The name McQueen (or MacQueen) has two separate derivations.
In the first instance the name comes from the old Norse name of Svienn or Sweyn and this line of McQueens would appear to have come from the same stock as the Clan Donald of Skye. It is known that Macsweyns held land in Skye from as early as the 13th century.
A second line is derived from Mac Suibhne (from the gaelic Suibhne meaning "going well") or 'Mac Sween'. In the 13th century, Suibhne was Lord of Knapdale and held Castle Sween. However this second McQueen branch was later largely absorbed by the neighbouring McMillans and Lamonts and it is uncertain to what extent they contributed to the present McQueen "tribe".
There have been a number of large-scale movements of McQueens over the years.
Around 1400 a Moira MacDonald from Skye married Malcolm Beg, 10th Chief of
Mackintosh (who held lands south of Inverness), and those accompanying the
bride included a number McQueens. Among these was a Revan McQueen, who
reputedly fought under Mackintosh at the battle of Harlaw in 1411. At that
time the lands of Corrybough on the river Findhorn, some 4 miles from Moy,
were owned by Mackintosh and this became the new home of the "Revan McQueen"
group. In 1609, a Donald MacQueen of Corrybrough signed a bond of manrent
along with the chiefs of the other tribes composing the clan Chattan, binding
themselves to support Angus Mackintosh as their captain and leader. At this
period the "Corrybrough" MacQueen comprising twelve distinct families,
all landowners in the counties of Inverness and Nairn. Some of these lands
appear to have been held until the death the clan
chief, John Fraser MacQueen, in 1881. The title passed to his brother,
whose son emigrated to New Zealand and was the last known chief of the clan.
The crest and motto shown above are those of the last established chief of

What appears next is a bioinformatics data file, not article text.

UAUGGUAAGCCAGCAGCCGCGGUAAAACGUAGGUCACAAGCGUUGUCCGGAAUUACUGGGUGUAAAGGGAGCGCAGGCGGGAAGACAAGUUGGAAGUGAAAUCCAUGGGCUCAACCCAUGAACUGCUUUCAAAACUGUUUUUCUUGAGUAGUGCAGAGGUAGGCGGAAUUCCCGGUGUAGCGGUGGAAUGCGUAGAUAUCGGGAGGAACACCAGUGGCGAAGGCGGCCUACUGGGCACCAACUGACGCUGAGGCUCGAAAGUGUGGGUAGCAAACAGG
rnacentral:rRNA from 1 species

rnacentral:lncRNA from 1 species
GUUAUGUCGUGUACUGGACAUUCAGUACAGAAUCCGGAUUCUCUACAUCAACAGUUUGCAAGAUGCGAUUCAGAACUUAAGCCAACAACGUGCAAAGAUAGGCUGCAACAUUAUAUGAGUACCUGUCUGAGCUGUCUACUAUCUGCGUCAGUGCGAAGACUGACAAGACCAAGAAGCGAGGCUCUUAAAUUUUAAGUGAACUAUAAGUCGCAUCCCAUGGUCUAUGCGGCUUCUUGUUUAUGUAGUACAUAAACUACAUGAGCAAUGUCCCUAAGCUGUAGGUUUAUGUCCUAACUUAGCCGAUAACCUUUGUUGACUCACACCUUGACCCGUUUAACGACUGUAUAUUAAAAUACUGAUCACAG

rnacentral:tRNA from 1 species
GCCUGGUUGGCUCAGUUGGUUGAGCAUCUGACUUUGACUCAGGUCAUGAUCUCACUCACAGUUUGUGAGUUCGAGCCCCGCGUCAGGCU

Clan Revan MacQueens (as, presumably, is the tartan).
The next great movement occurred around 1600 when, in response to the "plantation" policies of King James II, large numbers of Scottish lowlanders were brought to Northern Ireland to repopulate areas devastated by war. The land was good and largely unfarmed, as the native Irish economy had been pastoral rather than arable. Settlers were encouraged by the promise of long leases, far better than the unfavourable terms in their native Scotland. It is estimated that, by 1640, at least 100 000 Scots had settled in Ulster, including a number of McQueens. As well as new modes of farming, the Scots brought a strict Calvinist doctrine, which by the late 1630s was taking a firmly Presbyterian shape and which, a century later, was to cause a clash with the Anglican High Church policies of the British monarchy.
Mounting religious pressure and escalating land rentals towards the end of the 1600s resulted in a number of "Irish Scots" returning to Scotland, with many settling around Glasgow and along the west coast of Ayrshire, almost within sight of Ulster. Church records show that in the early 1700s there were a number of McQueen families in this area and it can be assumed that many of them were returned settlers from Ulster.
By 1710 most of the farm leases granted to the remaining settlers in Ulster had expired and new leases were withheld until the tenants agreed to pay greatly increased rents. Rather than submit to these new conditions whole communities, led by their ministers, began to take ship for the Americas: a new exodus had begun.
Meanwhile, in the Hebrides, McQueens continued to hold the lands of Garafad in Skye as they had for many generations. However economic conditions remained poor and it was from this area that there was yet another large-scale exodus of McQueens across the Atlantic in the late 1700s and first half of the 1800s.
Today a glance at world-wide telephone directories will show that the relatively few McQueens still living in Scotland are greatly outnumbered by those in the United States, Canada, New Zealand, Australia - and South Africa (the home of this webmaster).
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